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SpartanNash reports mixed results for third quarter

Food distributor/retailer enlists consulting firm to “energize culture”

SpartanNash Co. edged past Wall Street’s earnings forecast for its fiscal 2018 third quarter, even as declined sales in its retail grocery and military businesses shaved revenue growth.

In reporting quarterly results, the food wholesaler and retailer also said it has retained Harvest Earnings, a third-party advisory firm, to help “transform our culture” to engage employees at all levels and field ideas on how to operate more efficiently and better serve customers to spur sales and profits.

For the 12-week quarter ended Oct. 6, SpartanNash tallied sales of $1.89 billion, up 1% from $1.87 billion a year earlier. Driving the gain was the food distribution segment, which saw sales climb 4.6% to $940.2 million from $899.2 million a year ago. The Grand Rapids, Mich.-based company attributed the increase mainly to sales growth from existing and new customer programs.

Retail segment sales dropped 3.7% to $446.3 million from $463.6 million in the prior-year period. SpartanNash said the decline stemmed primarily from $15.1 million in lost sales due to the closing and sale of stores and a 1.9% dip in same-store sales (excluding fuel), which were partially offset by higher gasoline sales. Currently, SpartanNash operates 139 supermarkets, mainly under the Family Fare Supermarkets, D&W Fresh Market, VG’s Grocery, Dan’s Supermarket and Family Fresh Market banners.

Revenue for the military segment came in at $500.2 million, down from $505.6 million in the 2017 quarter.

At the bottom line, SpartanNash posted third-quarter earnings from continuing operations of $17.5 million, or 49 cents per diluted share, compared to a loss from continuing operations of $123.5 million, or $3.31 per diluted share, a year earlier. Adjusted earnings from continuing operations were $17.9 million, or 50 cents per diluted share, versus $20.1 million, or 54 cents per diluted share, in the prior-year period.

Analysts, on average, projected adjusted earnings per share (EPS) of 48 cents, with estimates ranging from a low of 40 cents to a high of 54 cents, according to Thomson Reuters.

“We are taking action to become a growth company that is focused on developing a national, highly efficient distribution platform that services a diverse customer base by leveraging our complementary business segments of food distribution, military distribution and retail. During the quarter, we continued to make progress for the achieving elements of our strategy,” SpartanNash President and CEO David Staples told analysts Thursday in a conference call.

Those strides include efforts to improve the core distribution network and identify opportunities to enhance supply chain capabilities, including steps to better serve both the east and west coasts, he explained. In the military segment, SpartanNash is leveraging its distribution capabilities to fuel future growth, while the company is moving ahead with its brand repositioning program for the retail business.  Under that initiative, SpartanNash completed three store remodels in the third quarter and two early in the fourth quarter.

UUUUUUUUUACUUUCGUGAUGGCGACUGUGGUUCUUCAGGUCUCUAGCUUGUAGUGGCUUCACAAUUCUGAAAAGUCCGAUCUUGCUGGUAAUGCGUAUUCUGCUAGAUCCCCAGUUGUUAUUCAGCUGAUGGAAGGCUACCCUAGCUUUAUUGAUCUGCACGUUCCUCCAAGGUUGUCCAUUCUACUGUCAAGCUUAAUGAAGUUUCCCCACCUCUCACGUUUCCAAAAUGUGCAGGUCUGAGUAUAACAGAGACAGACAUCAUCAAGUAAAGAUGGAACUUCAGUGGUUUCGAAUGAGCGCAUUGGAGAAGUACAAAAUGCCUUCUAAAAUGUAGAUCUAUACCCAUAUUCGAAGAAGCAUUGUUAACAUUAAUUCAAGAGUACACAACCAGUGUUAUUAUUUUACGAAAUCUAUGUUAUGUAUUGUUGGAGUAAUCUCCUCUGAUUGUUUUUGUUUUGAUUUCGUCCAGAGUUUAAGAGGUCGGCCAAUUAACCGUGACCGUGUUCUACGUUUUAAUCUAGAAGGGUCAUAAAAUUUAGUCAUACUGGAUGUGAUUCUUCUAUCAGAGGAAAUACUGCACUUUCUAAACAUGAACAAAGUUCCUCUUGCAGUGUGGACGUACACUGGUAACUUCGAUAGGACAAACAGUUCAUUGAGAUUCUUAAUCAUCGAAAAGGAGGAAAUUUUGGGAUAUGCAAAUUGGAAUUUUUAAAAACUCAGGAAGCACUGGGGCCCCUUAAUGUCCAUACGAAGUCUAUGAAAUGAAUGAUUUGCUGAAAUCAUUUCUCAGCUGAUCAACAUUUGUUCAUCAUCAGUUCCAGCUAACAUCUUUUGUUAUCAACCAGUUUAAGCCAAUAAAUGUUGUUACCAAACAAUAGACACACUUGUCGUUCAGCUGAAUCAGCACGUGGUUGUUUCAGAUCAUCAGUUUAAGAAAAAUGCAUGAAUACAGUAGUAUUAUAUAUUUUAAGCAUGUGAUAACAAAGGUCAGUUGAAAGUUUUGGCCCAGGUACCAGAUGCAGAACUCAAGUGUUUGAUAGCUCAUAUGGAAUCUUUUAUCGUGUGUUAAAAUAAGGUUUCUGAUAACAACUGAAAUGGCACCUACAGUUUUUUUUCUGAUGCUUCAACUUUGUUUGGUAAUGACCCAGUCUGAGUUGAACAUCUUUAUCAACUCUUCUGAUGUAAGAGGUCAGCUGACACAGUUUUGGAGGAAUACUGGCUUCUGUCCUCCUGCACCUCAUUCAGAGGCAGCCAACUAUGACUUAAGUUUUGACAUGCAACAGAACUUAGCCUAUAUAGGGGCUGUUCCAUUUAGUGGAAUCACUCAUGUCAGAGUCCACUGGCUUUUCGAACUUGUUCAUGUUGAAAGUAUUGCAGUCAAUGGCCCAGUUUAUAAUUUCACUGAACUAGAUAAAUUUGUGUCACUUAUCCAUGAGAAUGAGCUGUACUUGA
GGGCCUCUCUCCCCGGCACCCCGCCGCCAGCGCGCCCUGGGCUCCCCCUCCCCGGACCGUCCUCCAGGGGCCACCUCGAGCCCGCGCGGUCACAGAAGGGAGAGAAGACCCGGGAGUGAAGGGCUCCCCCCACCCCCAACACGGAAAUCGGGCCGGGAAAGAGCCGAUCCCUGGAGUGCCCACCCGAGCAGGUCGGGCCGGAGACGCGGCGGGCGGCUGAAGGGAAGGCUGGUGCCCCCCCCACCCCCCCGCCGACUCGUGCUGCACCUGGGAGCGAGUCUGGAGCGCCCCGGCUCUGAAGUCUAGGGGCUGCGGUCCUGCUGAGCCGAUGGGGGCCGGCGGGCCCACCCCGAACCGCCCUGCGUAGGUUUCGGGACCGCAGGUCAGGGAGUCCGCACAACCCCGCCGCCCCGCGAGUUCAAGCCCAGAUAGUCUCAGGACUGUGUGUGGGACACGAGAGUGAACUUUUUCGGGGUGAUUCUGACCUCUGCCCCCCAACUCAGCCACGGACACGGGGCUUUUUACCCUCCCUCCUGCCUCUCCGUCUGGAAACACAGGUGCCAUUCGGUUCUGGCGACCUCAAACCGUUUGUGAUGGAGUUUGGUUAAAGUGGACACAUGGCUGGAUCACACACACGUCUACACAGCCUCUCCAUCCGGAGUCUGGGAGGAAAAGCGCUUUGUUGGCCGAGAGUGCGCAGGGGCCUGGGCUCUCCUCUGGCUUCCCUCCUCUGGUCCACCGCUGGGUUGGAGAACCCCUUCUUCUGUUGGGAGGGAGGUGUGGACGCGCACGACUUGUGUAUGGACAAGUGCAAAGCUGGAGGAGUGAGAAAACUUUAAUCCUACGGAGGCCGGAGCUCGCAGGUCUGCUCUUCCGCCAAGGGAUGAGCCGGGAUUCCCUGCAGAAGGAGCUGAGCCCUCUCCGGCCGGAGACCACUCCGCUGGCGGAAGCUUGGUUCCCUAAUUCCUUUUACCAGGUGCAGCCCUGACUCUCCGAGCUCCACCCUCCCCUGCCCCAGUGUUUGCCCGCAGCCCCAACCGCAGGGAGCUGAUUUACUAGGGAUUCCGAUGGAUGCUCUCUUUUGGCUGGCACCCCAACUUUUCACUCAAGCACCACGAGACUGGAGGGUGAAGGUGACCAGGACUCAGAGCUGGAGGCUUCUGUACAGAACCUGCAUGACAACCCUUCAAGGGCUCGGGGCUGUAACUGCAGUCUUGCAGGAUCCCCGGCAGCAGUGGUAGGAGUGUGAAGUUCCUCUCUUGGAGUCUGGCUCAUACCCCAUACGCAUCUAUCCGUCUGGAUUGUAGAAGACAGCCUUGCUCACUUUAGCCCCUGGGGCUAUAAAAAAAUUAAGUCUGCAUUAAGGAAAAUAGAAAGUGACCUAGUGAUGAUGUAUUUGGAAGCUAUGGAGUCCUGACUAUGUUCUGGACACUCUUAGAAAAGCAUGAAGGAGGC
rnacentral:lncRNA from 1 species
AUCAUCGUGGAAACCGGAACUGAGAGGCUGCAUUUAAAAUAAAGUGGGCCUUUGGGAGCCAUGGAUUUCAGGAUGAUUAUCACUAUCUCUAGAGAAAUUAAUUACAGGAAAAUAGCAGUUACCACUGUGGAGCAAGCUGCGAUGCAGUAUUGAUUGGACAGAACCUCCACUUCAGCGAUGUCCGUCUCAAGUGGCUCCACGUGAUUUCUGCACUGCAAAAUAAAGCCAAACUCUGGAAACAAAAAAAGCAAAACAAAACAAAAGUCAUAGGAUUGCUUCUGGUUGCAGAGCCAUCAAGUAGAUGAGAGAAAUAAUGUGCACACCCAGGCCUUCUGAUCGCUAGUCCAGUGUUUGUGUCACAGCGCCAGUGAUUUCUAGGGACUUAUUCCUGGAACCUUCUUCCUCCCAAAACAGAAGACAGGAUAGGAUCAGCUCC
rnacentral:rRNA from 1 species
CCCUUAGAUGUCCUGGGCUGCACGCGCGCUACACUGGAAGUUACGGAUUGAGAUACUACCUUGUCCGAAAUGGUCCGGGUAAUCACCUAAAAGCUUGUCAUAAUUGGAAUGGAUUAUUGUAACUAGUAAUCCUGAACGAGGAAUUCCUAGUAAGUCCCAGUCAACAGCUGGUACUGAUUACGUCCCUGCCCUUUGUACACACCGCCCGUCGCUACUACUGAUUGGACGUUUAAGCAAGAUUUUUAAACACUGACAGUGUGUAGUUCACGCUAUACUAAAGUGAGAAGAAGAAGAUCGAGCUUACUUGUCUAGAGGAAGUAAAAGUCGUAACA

“Due to the rapid change of pace in our industry, as well as the industrywide labor and transportation headwinds and growth-driven challenges we currently face in some of our markets, we're working to accelerate our initiatives to best position our business for long-term growth and profitability,” Staples noted in the call. “To this end, we have engaged a third-party advisor to guide us on a companywide initiative designed to accelerate the transformation of our culture, empowering associates at all levels to drive substantial and sustainable improvements to our business processes and results.”

That effort is slated to get under way in December and will involve all staff, ranging from those working in retail stores and distribution centers to those in the corporate offices.

“We’re not officially kicking off next until next month, but this effort has already begun to energize segments inside the organization,” Staples added. “And I can't wait and see the incredible results our teams delivered to position our company to achieve its strategic objective.”

Looking ahead for the full 2018 fiscal year, SpartanNash forecasts earnings from continuing operations (GAAP) of $1.66 to $1.75 per diluted share, compared with a loss of $1.41 per diluted share in 2017. Adjusted EPS from continuing operations is estimated at $1.89 to $1.97 and excludes merger-and-acquisition and integration costs, restructuring charges and other adjusted items.

Wall Street’s consensus forecast is for full-year adjusted EPS of $1.99, with projections running from a low of $1.97 to a high of $2.02, Thomson Reuters reported.

“We appreciate management’s efforts to jump-start the business but question the ultimate EBIT benefit,” Jefferies analyst Christopher Mandeville said in a research note on Thursday. “In an attempt to re-energize the workforce and position SpartanNash for growth, management hired Harvest Earnings, a third-party consulting firm led by two academics [who] have worked with Heinz, Pier One, American Eagle, PNC Bank, Bird’s Eye Foods, etc. While we appreciate management's intentions, we are uncertain whether it can truly solve the root issues.”

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